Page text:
Energy Storage

In response to increased State goals and targets to reduce greenhouse gas (GHG) emissions, meet air quality standards, and achieve a carbon free grid, the California Public Utilities Commission (CPUC), with authorization from the California legislature, continues to evaluate options to achieve these goals and targets through several means including through energy storage procurement.  The following provides information on California energy storage legislation, the CPUC energy storage program and projects evaluation, CPUC energy storage proceedings, current energy storage procurement, and previous activities.
 

Energy Storage Legislation

In 2010, the California legislature authorized the CPUC to evaluate and determine energy storage targets, if any, for the State Load Serving Entities (LSEs) through Assembly Bill (AB) 2514 (Skinner, 2010).  In 2013, the CPUC issued Decision (D.)13-10-040 which set an AB 2514 energy storage procurement target of 1,325 megawatts (MW) by 2020. 

The CPUC's energy storage procurement policy was formulated with three primary goals:

  1. Grid optimization, including peak reduction, contribution to reliability needs, or deferral of transmission and distribution upgrade investments;
  2. Integration of renewable energy; and
  3. Greenhouse gas (GHG) reductions in support of the State's targets.

Assembly Bill 2868 (Gatto, 2016) required the three IOUs to propose programs and investments to accelerate the deployment of distributed energy storage systems with the total capacity not to exceed 500 MW.  In 2017, the CPUC issued D.17-04-039 which required the three major IOUs in the State to propose programs and investments to adopt up to 166.66 MW of distributed energy storage systems into their 2018 AB 2514 energy storage procurement plans.  On July 5, 2019, the CPUC issued D.19-06-032 which approved PG&E's behind the meter (BTM) thermal energy storage program proposal to comply with AB 2868.  This Decision determined that PG&E's remaining application proposal and the application proposals from San Diego Gas and Electric Company's (SDG&E) and Southern California Edison (SCE) did not comply with AB 2868 and thus rejected these proposals.

Senate Bill (SB) 801 (Stern, 2017) to address the electric system limitations that resulted from the reduced gas deliverability at the Aliso Canyon natural gas storage facility, SB 801 requested that the Los Angeles Department of Water and Power in coordination with the City of Los Angeles consider cost-effective and feasible solutions to procure a minimum of 100 MW of energy storage.  It also requested the CPUC to direct an electrical corporation serving the Los Angeles Basin to procure through a competitive solicitation a minimum of 20 MW.  Resolution E-4937 approved SCE's energy storage solicitation to comply with SB 801.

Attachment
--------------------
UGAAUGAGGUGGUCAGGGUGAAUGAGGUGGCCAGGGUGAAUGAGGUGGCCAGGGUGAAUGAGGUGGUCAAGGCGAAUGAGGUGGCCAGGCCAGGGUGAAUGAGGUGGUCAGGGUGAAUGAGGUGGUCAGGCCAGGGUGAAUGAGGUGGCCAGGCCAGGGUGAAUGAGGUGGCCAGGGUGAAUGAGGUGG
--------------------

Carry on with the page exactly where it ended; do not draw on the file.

Energy Storage Procurement to Date

To date the CPUC has approved procurement of more than 1,533.52 MW of new storage capacity to be built in the State.  Of this total 506 MW are operational.  The AB 2514 mandate is procured in three distinct grid domain targets, with some flexibility between the grid domain targets of customer sited, distribution-connected, and transmission connected.  Cumulatively, the three major IOUs have exceeded the AB 2514 target of 1,325 MW and satisfied nearly all domain-specific requirements.  See the table below for more details.

Energy Storage Procurement Evaluation

CPUC D. 13-10-040 requires CPUC staff to conduct a comprehensive program evaluation of the CPUC energy storage procurement policies and AB 2514 energy storage projects.The CPUC Energy Division will contract for an evaluator in 2020.  As the first AB 2514 energy storage program evaluation, the final work product is expected to provide insights on at least one year of operational data for at least one-third of the AB 2514 energy storage projects.  While the AB 2514 energy storage procurement target of 1,325 MW is nearly met (see Energy Storage Procurement to Date) the AB 2514 energy storage projects are not expected to be entirely on-line until 2024.  future evaluations will occur once all the required procurement is operational.